BACTERIA CAUSED SEPSIS BIOMARKERS

Artaria Tjempakasari, Nasronudin Nasronudin

= http://dx.doi.org/10.20473/ijtid.v5i3.238
Abstract views = 420 times | downloads = 466 times

Abstract


Sepsis is a clinical condition of patients with serious infections that show a systemic inflammatory response, with or without a positive blood culture. sepsis is one of the most frequent causes of death in patients in intensive care units. We are at urgent need for biomarkers and reliable measurements that can be applied to risk stratification of septic patients and that would easily identify those patients at the highest risk of a poor outcome. Such markers would be of fundamental importance to decision making for early intervention therapy. Pro-inflammatory cytokines such as tumor necrosis factor- (TNF- ), interleukins-1,-6,-8 (IL-1, IL-6, IL-8) are postulated to play a major role in the pathogenesis of the syndrome. C-reactive protein (CRP) and procalcitonin (PCT) are among a few biomarkers that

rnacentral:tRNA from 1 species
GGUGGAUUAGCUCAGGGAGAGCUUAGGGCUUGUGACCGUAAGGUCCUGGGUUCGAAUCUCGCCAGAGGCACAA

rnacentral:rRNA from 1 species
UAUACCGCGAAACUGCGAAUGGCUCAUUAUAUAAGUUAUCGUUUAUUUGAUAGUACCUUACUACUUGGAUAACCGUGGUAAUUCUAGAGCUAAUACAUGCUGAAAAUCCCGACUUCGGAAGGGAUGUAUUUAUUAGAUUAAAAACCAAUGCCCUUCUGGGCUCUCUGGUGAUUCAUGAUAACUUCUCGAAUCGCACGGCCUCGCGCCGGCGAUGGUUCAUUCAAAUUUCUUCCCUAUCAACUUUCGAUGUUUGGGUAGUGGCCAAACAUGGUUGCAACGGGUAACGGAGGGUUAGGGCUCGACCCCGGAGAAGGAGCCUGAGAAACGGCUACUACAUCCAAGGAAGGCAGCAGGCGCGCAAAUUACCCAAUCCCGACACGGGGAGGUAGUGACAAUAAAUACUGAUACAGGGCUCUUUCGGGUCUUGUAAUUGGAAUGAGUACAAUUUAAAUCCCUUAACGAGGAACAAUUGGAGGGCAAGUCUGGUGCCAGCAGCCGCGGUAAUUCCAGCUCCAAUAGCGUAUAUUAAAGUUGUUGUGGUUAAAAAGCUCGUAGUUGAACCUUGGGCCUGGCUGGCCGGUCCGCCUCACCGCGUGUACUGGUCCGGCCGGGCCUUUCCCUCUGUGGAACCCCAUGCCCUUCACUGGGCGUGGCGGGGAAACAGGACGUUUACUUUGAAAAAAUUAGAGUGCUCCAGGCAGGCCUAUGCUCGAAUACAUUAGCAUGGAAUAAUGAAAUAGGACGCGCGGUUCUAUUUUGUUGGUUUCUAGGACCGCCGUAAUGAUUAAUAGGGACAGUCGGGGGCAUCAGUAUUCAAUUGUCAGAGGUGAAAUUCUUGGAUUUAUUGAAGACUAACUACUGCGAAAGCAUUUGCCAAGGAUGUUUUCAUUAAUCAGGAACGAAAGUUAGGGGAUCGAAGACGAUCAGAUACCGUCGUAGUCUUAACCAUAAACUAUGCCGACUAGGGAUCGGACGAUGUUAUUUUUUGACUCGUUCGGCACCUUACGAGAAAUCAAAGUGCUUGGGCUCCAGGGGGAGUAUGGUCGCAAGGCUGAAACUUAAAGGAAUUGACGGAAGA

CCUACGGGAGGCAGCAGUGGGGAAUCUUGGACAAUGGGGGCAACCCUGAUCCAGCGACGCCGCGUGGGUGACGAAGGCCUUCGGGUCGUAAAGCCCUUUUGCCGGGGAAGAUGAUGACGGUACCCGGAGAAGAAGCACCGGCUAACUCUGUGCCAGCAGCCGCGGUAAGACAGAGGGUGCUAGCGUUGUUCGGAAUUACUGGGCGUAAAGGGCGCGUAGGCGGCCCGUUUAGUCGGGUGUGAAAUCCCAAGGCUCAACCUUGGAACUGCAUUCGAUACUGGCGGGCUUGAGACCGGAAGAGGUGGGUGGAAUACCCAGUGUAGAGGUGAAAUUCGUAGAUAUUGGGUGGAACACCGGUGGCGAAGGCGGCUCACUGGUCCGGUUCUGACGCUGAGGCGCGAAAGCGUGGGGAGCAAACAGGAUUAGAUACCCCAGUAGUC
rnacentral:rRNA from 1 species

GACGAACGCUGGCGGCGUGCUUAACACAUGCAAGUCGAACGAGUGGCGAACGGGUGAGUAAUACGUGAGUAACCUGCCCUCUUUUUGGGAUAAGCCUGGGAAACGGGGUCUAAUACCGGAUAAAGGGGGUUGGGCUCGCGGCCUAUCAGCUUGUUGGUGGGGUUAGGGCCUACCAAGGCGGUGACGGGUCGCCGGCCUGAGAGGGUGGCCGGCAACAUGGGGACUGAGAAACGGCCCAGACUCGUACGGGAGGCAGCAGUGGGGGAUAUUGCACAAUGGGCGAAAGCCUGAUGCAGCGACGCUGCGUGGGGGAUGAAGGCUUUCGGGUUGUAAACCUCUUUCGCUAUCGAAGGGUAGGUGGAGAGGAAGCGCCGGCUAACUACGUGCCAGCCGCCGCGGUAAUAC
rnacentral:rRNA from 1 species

incorporated into clinical practice although their precise role in the pathopysiology of sepsis and organ dysfunction still unclear.


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